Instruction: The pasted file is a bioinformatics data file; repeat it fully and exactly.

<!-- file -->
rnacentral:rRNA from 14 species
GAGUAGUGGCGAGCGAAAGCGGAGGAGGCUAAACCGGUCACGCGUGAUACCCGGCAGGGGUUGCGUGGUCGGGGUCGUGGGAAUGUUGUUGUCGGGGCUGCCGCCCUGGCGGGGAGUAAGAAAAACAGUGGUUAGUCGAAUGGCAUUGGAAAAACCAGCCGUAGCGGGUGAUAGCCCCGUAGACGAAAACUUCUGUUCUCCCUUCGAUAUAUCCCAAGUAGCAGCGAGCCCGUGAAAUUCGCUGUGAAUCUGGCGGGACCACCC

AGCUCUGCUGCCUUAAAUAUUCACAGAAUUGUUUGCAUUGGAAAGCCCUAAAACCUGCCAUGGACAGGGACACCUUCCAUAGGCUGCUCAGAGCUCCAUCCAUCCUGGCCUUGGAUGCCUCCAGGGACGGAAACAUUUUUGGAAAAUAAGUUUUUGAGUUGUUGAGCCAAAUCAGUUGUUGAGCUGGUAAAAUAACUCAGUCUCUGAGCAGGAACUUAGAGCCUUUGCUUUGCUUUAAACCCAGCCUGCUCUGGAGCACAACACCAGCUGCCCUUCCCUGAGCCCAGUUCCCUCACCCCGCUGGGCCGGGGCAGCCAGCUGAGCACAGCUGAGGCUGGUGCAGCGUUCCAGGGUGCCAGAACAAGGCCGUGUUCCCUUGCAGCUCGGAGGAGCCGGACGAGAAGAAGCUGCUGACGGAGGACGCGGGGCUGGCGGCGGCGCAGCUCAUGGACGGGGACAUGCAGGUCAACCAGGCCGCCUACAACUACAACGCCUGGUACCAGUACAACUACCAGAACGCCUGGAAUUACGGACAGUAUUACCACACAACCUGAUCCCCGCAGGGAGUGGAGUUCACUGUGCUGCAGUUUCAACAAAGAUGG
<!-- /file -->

rnacentral:rRNA from 14 species
GAGUAGUGGCGAGCGAAAGCGGAGGAGGCUAAACCGGUCACGCGUGAUACCCGGCAGGGGUUGCGUGGUCGGGGUCGUGGGAAUGUUGUUGUCGGGGCUGCCGCCCUGGCGGGGAGUAAGAAAAACAGUGGUUAGUCGAAUGGCAUUGGAAAAACCAGCCGUAGCGGGUGAUAGCCCCGUAGACGAAAACUUCUGUUCUCCCUUCGAUAUAUCCCAAGUAGCAGCGAGCCCGUGAAAUUCGCUGUGAAUCUGGCGGGACCACCC

AGCUCUGCUGCCUUAAAUAUUCACAGAAUUGUUUGCAUUGGAAAGCCCUAAAACCUGCCAUGGACAGGGACACCUUCCAUAGGCUGCUCAGAGCUCCAUCCAUCCUGGCCUUGGAUGCCUCCAGGGACGGAAACAUUUUUGGAAAAUAAGUUUUUGAGUUGUUGAGCCAAAUCAGUUGUUGAGCUGGUAAAAUAACUCAGUCUCUGAGCAGGAACUUAGAGCCUUUGCUUUGCUUUAAACCCAGCCUGCUCUGGAGCACAACACCAGCUGCCCUUCCCUGAGCCCAGUUCCCUCACCCCGCUGGGCCGGGGCAGCCAGCUGAGCACAGCUGAGGCUGGUGCAGCGUUCCAGGGUGCCAGAACAAGGCCGUGUUCCCUUGCAGCUCGGAGGAGCCGGACGAGAAGAAGCUGCUGACGGAGGACGCGGGGCUGGCGGCGGCGCAGCUCAUGGACGGGGACAUGCAGGUCAACCAGGCCGCCUACAACUACAACGCCUGGUACCAGUACAACUACCAGAACGCCUGGAAUUACGGACAGUAUUACCACACAACCUGAUCCCCGCAGGGAGUGGAGUUCACUGUGCUGCAGUUUCAACAAAGAUGG